I stared up the rusty colored scree field and strained to make out the solitary post just barely peaking above the ridge line that topped it. That was the prize. That was the summit of Imogene pass, the second summit of the day, the crux of the ride. The post was not far as the crow flies, maybe only a couple hundred feet away. It felt much further, infinitely far all things considered. Our progress was painstakingly slow. The fatigue and altitude had quietly stolen away all of our spit and venom all day long leaving us with dry mouths and heavy legs. The 4×4 road surface was generously strewn with wet, coarse rock. We shuffled on our feet.
I swiveled left nervously, my eyes following the ridge line west until they found their target about a mile away. A dark wall of clouds was quickly approaching us. Only ten minutes earlier they had seemed twice as far away. The clouds didn’t move if you stared at them but if you turned away they darted closer at an astonishing pace. Now they were nearly on top of us, thumb and index finger shaped like an O, ready to flick us off the mountain.
A quick mental calculus painted an obvious picture: We weren’t going to make it. We were only a half mile from the summit, a distance that we could cover in a few minutes on a normal ride, but at 12,600 feet with steep gradients ahead of us it would take us more than fifteen minutes to cover the ground.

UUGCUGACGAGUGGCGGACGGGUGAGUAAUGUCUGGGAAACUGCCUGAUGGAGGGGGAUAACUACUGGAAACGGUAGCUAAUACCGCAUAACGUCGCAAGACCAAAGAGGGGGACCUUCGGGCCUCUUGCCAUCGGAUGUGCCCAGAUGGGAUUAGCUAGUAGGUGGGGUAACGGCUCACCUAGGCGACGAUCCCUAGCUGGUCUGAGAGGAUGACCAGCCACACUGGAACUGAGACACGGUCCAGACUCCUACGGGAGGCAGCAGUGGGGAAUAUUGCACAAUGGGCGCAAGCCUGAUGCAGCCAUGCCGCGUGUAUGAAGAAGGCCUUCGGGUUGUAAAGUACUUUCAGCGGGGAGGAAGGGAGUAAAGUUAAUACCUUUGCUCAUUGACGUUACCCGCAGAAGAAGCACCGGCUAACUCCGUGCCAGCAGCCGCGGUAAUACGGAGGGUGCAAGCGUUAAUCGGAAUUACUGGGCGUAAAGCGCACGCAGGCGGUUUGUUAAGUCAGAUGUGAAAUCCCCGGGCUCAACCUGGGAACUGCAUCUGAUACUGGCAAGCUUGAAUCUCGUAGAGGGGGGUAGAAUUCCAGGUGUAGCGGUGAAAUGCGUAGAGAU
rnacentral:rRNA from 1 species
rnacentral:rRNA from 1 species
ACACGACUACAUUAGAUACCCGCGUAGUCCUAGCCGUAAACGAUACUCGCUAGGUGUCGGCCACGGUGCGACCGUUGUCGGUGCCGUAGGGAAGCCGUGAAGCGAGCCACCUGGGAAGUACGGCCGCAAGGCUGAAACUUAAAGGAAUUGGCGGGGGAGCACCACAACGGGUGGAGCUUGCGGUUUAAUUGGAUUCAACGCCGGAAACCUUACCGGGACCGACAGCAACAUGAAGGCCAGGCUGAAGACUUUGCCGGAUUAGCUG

“What do you think?” I asked Peder, hoping he would contradict what I knew to be true.
“It’s going to hit us.” he said. So much for that. “But I really don’t want to high tail it back down to Telluride.”
A strong gust of wind hit us, a light rain along with it. If we turned around now we would fail to complete our planned loop but if we went for the summit we’d get t-boned by the storm; completely exposed on a ridgeline at 13,114 feet.
Race photos by Kit Hunders
As the end of 2017 arrived, the Colorado State Cyclocross Championships arrived with it.
Cyclocross has changed for me over the years. A half decade ago I was so jazzed about the bike racing discipline that I couldn’t even sleep the night before a race. I would genuinely dream about it. I wanted go fast, I wanted to see if I could win. I had a pretty singular mindset.
Gravel racing is great and all, but in terms of drop bar bikes Cyclocross delivers the quickest, most intense punch in the thrills department.